Spending on IT projects will continue to grow in the second half of 2005, despite uncertainty about the economy and anxiety caused by the terror attacks on London, according to UK IT leaders.
Ben Booth, chairman of IT directors group Elite and CIO at Mori, said the challenge for IT departments across the UK for the remainder of the year was to be "flexible but not profligate".
IT directors have to balance delivering new systems with bearing down on costs.
"In our business, we have to have elasticity in what we do. We have to accommodate growth; we cannot screw costs down entirely because we have to be flexible," said Booth.
Infrastructure projects to deliver the flexibility required by the business include IP telephony, software upgrades, e-commerce and server consolidation. These will add to an overall 4.6% growth in UK IT spending in 2005, according to Kris Wicka, managing director of Kew Associates, which produces the Computer Weekly IT Expenditure Report.
Colin Simpson, group systems manager at brewer Fuller Smith and Turner, is pushing through projects involving chip and Pin, mobile applications, server consolidation and e-commerce. In addition, demand continues to put pressure on existing IT service levels, he said.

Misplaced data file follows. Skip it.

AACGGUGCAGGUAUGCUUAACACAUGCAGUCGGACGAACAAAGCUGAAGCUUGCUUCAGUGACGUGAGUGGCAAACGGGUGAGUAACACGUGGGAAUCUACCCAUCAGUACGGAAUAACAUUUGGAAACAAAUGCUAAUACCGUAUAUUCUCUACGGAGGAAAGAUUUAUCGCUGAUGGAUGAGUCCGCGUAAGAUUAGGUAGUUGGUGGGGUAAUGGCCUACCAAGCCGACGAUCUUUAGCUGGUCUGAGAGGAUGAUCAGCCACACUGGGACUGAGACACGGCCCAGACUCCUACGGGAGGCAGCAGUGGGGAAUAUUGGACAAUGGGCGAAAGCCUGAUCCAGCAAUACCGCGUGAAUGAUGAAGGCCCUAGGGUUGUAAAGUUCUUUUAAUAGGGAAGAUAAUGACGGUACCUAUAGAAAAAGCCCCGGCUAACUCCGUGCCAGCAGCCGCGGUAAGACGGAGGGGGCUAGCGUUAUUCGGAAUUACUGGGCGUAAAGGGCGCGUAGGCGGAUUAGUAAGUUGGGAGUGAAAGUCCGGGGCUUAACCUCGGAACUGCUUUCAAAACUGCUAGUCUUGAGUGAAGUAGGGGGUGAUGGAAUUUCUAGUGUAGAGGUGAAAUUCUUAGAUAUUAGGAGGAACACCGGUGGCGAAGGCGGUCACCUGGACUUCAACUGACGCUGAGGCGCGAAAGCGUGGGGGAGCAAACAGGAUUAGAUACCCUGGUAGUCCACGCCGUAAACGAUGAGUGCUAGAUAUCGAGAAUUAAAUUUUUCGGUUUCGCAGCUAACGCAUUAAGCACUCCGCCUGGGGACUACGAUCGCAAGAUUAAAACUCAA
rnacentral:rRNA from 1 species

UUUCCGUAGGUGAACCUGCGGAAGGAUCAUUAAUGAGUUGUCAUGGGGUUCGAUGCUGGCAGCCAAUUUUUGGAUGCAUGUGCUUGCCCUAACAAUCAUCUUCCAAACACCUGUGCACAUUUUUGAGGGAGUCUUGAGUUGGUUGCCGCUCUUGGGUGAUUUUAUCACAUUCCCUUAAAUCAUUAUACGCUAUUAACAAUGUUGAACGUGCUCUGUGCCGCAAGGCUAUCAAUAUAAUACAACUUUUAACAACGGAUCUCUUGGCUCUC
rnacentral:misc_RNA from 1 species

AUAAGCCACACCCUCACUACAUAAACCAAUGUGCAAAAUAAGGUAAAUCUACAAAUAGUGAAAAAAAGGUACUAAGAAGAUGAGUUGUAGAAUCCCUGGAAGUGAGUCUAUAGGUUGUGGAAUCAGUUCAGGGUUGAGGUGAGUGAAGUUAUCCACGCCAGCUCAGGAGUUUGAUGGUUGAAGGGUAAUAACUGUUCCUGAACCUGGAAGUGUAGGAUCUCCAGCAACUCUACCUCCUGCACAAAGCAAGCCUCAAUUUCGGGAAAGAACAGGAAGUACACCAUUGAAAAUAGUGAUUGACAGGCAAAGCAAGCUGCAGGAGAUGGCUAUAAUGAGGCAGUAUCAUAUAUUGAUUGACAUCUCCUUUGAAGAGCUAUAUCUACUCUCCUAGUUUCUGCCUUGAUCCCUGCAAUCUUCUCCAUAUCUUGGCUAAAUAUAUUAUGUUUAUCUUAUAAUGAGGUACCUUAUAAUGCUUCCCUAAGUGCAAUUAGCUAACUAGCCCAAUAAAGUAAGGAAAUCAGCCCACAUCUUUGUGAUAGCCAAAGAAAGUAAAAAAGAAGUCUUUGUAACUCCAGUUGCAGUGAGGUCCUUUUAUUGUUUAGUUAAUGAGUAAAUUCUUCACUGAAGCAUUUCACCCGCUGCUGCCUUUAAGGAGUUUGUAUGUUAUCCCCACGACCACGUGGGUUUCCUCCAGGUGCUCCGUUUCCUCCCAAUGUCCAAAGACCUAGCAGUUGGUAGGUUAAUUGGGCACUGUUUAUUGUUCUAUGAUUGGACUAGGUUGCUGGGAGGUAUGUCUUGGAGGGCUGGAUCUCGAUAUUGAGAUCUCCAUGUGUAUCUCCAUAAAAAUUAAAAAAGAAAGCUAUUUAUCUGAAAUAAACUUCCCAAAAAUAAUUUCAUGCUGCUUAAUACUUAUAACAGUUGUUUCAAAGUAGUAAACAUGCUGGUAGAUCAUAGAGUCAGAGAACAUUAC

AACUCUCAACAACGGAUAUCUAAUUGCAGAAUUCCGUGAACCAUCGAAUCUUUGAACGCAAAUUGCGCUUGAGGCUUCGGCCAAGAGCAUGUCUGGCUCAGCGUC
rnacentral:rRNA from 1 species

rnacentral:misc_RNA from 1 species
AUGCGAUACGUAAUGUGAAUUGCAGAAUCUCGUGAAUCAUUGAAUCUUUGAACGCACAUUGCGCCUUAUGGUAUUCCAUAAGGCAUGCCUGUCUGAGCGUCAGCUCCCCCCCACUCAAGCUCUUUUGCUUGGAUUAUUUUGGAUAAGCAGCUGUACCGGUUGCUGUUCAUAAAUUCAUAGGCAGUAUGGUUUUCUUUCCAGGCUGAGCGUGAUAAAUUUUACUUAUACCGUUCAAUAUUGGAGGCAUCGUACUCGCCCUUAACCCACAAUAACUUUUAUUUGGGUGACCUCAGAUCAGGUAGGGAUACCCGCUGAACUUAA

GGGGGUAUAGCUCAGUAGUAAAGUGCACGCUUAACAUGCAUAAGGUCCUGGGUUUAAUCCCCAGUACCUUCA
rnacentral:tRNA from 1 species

"A few budgets are stretching a bit and there is reasonable pressure to control costs. Storage is an ongoing problem and climbing - our storage is increasing by 3% to 4% a month," said Simpson.
Business development is a key focus in financial services organisations. Jerome Gudgeon, vice- president of technology at American Express Financial Services Europe, said, "We are looking to enhance the roll-out of our payments platform. We might be replacing a legacy system or putting it into a fresh market."
John Worth, chief information officer at financial services firm Prudential, said, "I have three tasks: one is to improve service. Reducing cost is another. We are looking at every opportunity we can. The third is delivering on business change projects."
Demonstrating return on investment will be important in the public sector. Richard Steel, head of ICT at Newham Council, said a continuing focus was IP convergence and IP infrastructure. "Infrastructure is key to support data storage and the transmission of information," he said.
Now that Newham has the IT systems to meet e-government targets, Steel said his key task was to drive payback by getting more people to use the systems.
Joe van Valkenburgh, director of information management at Network Rail, is in the middle of a Windows XP Active Directory roll-out to 16,500 desktops.
Although most IT directors are confident of hanging on to their budget allocations for the remainder of 2005, van Valkenburgh said, "I am giving some of my budget back this year. My capital expenditure budget is £138m. I expected to spend £90m this year."